A new wholesale market planned for Tokyo's Toyosu district is to be 40 percent larger than the one it replaces, the historic but increasingly decrepit Tsukiji fish market, a must-see for many foreign tourists and photographers.
On Nov. 27, the Tokyo metropolitan government unveiled a design for the new market, which will aggregate Tsukiji's wholesale fish trading and its lesser-known fruit and vegetable businesses in new buildings in Koto Ward, likely by the end of fiscal 2014.
The Tsukiji market, with its earthy and cramped but vibrant trading atmosphere, occupies prime waterside real estate adjacent to the capital's high-rent Ginza neighborhood.
The new market will be located 2.3 kilometers away. It will have a floor space of 408,000 square meters, 1.4 times greater than that at Tsukiji, which is in Chuo Ward.
Comprising a complex of three- to six-story buildings, the new market will have four main sections.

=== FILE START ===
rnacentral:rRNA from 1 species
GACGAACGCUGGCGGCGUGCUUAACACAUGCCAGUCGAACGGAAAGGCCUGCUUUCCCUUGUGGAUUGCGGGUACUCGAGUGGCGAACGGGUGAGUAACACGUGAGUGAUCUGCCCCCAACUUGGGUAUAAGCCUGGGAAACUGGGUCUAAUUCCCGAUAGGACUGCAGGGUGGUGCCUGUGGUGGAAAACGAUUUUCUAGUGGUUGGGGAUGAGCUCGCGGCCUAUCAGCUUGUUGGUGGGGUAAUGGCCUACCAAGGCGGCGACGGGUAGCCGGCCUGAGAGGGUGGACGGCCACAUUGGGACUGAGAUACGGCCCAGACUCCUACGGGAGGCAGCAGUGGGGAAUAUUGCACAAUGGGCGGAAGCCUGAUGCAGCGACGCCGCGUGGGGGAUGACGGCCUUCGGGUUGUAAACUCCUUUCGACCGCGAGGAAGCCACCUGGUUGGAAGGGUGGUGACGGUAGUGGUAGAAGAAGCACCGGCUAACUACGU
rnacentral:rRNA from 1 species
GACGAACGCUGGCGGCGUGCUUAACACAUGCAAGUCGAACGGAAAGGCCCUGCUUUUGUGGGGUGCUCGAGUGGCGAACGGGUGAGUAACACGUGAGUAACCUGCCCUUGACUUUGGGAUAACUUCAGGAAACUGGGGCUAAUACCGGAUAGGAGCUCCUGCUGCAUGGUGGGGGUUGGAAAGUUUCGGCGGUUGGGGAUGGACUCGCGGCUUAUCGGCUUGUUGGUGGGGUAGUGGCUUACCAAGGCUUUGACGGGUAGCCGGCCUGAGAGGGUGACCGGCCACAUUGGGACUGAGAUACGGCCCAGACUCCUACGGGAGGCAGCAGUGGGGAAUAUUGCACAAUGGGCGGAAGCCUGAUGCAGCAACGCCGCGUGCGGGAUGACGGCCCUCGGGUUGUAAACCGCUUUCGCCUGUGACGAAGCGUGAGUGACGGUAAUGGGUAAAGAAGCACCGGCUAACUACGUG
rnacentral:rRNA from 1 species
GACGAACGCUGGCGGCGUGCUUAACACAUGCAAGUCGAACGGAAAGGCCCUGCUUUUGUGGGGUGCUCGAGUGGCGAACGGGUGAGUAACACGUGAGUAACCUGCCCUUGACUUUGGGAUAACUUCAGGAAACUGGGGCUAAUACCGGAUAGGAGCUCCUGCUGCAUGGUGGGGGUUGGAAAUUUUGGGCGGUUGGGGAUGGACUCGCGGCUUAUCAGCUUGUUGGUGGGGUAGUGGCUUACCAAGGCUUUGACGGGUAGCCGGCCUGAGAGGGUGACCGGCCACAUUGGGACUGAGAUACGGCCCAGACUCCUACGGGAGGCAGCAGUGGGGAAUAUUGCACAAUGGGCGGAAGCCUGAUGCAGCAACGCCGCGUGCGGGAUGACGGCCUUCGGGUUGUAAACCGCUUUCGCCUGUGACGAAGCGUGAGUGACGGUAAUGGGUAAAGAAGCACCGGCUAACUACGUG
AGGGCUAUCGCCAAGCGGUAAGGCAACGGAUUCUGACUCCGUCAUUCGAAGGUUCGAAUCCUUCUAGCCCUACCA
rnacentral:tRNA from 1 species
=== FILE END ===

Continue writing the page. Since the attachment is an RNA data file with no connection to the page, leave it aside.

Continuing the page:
One is for seafood wholesalers, complete with observation decks for tourists. Another is for fruit and vegetable wholesalers. The third will accommodate seafood middlemen, and the fourth will house trading companies' offices.
The current market supports a kaleidoscope of related businesses in streets nearby, from tiny sushi bars and greengrocers to chopstick retailers and vendors of rubber boots. The new market will try to replicate that atmosphere by incorporating restaurants and retail shops. Operators for those businesses will be selected by June, metropolitan government representatives said.
Meanwhile, the Tokyo government is currently working to neutralize toxic substances in the soil deriving from a former gas factory. Construction will begin as soon as the work is complete--likely by the end of this fiscal year.
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